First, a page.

The Gazettes additionally provided that a nationwide day of mourning would be held on the day of the monarch’s funeral. The exception to this was in 1936, where a telegram from London led to a new notice in the Gazette revoking the previous direction that 23 January, the day of King George V’s funeral, be observed as a public holiday, given that much of the world was still in the throes of the Great Depression. Instead, the public was asked to observe two minutes’ silence at midday.

Upon the death of the Sovereign, Parliament is usually convened briefly, and a motion is carried by both Houses expressing sympathy at the loss of the Sovereign, and reaffirming loyalty and allegiance to the new Sovereign. The message is then relayed to the new Sovereign by the Governor-General. In 1952, however, the King’s death was announced to the House of Representatives whilst it was in session by Prime Minister Robert Menzies. The Canberra Times reported that Menzies adjourned the House for 15 minutes to obtain official confirmation, and then addressed the room with a “breaking voice” before adjourning the House until the following day.

State Parliaments and local councils typically pass resolutions conveying their sympathies, and send telegrams to the Governor-General or their respective state Governors for transmission to the new King or Queen. The Australian Commonwealth, the States and major cities also send wreaths to be placed on the late Sovereign’s coffin. The Governor-General and the Prime Minister notify the public of their receipt of grateful responses from the Royal Family.

Gradual Transitions

Many other more prosaic transitions occur in Australia after the death of a monarch. New currency is minted (which took 16 months after King George VI’s accession, and 6 months after the Queen’s accession), and the Postmaster-General issues new postage stamps. Upon the Queen’s accession, government stationery was altered to bear the words ‘On Her Majesty’s Service’. Judges, magistrates and legal practitioners began to swear allegiance to Her Majesty, and King’s Counsel became known as Queen’s Counsel.

Public Grief in the 21st Century: Some Predictions

The world today is vastly different to the world in 1952, when the Queen ascended the throne. The British Empire has shrunk significantly, with many countries that were formerly under the Crown declaring independence during Her Majesty’s reign. The death of the Queen is more likely to become publicly known through twitter than government sources.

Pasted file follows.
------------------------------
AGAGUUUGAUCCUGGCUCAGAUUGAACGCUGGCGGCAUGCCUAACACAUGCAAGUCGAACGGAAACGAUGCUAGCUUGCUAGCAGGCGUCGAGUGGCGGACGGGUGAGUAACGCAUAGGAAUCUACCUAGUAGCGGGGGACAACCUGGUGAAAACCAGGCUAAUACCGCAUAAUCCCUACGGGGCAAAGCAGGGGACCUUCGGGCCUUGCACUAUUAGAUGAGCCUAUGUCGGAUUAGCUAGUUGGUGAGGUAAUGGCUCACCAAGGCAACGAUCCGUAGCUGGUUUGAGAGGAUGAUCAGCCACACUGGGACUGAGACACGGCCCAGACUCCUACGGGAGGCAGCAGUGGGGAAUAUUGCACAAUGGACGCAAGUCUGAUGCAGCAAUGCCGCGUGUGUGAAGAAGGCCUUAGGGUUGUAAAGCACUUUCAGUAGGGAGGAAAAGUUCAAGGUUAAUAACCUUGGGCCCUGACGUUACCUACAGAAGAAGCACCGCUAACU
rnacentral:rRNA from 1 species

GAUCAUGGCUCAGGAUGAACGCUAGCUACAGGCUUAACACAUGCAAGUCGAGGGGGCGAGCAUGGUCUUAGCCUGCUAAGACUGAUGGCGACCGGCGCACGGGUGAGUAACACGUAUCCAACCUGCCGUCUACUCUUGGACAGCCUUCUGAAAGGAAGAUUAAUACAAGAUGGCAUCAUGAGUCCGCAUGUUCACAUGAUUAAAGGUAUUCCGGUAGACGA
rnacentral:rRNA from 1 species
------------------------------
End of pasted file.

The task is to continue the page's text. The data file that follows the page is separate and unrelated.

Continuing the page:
If history is any guide, Australia will cope with its sense of bereavement at the passing of the Queen by seeking comfort and guidance from traditional rituals of respect, deeply rooted in our past. Official ceremony and rituals will likely remain, in the form of Australian memorial services, public statements from Australian government officials, and the placing of condolence books in state Government Houses and in the Governor-General’s residence at Yarralumla for the public to sign, as occurred after the Queen Mother’s death in 2002.

We can undoubtedly expect social media, television and other instantaneous forms of communication to play a key role in expressions of public grief, alongside some of the more conventional displays of mourning. It is almost certain that billions of people will watch the Queen’s funeral on television. Viewership estimates reveal the extent of the public’s fascination with the Royal Family. It is estimated that over 2.5 billion people around the globe viewed Princess Diana’s funeral in 1997, whilst 2 billion watched the televised 2011 wedding of Prince William and the Duchess of Cambridge. Electronic versions of condolence books were made available to the public even in 2002 for the Queen Mother’s death through the Governor-General’s website.

Given the rise of Republican movements in Australia over the last decades, culminating in the unsuccessful republic referendum of 1999, only time will tell whether the Queen’s death, and Prince Charles’ ascendancy to the throne, will strengthen or weaken the desire of the Australian public to remain a Realm within the Commonwealth of Nations. The death of the Queen, however, will be regarded as a historical watershed and the end of an era.

SUGGESTED CITATION: Cassidy O'Sullivan, 'Antipodean Expressions of Grief: How will Australia respond to the death of the Queen?', Constitutional Critique, 25 May 2017, (Constitutional Reform Unit Blog, University of Sydney, http://blogs.usyd.edu.au/cru/).